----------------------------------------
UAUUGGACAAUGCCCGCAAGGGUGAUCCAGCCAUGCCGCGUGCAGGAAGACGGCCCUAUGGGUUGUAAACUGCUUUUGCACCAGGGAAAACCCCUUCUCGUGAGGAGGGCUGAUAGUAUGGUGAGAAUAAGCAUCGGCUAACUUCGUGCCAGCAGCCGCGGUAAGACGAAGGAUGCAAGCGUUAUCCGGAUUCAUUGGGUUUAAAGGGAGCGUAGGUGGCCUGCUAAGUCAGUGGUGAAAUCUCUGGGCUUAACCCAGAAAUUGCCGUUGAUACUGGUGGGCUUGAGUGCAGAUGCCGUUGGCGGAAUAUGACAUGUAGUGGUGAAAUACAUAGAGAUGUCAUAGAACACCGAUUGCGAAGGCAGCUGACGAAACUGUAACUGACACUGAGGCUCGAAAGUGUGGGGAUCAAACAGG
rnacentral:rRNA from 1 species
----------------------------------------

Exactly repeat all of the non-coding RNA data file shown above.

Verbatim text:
UAUUGGACAAUGCCCGCAAGGGUGAUCCAGCCAUGCCGCGUGCAGGAAGACGGCCCUAUGGGUUGUAAACUGCUUUUGCACCAGGGAAAACCCCUUCUCGUGAGGAGGGCUGAUAGUAUGGUGAGAAUAAGCAUCGGCUAACUUCGUGCCAGCAGCCGCGGUAAGACGAAGGAUGCAAGCGUUAUCCGGAUUCAUUGGGUUUAAAGGGAGCGUAGGUGGCCUGCUAAGUCAGUGGUGAAAUCUCUGGGCUUAACCCAGAAAUUGCCGUUGAUACUGGUGGGCUUGAGUGCAGAUGCCGUUGGCGGAAUAUGACAUGUAGUGGUGAAAUACAUAGAGAUGUCAUAGAACACCGAUUGCGAAGGCAGCUGACGAAACUGUAACUGACACUGAGGCUCGAAAGUGUGGGGAUCAAACAGG
rnacentral:rRNA from 1 species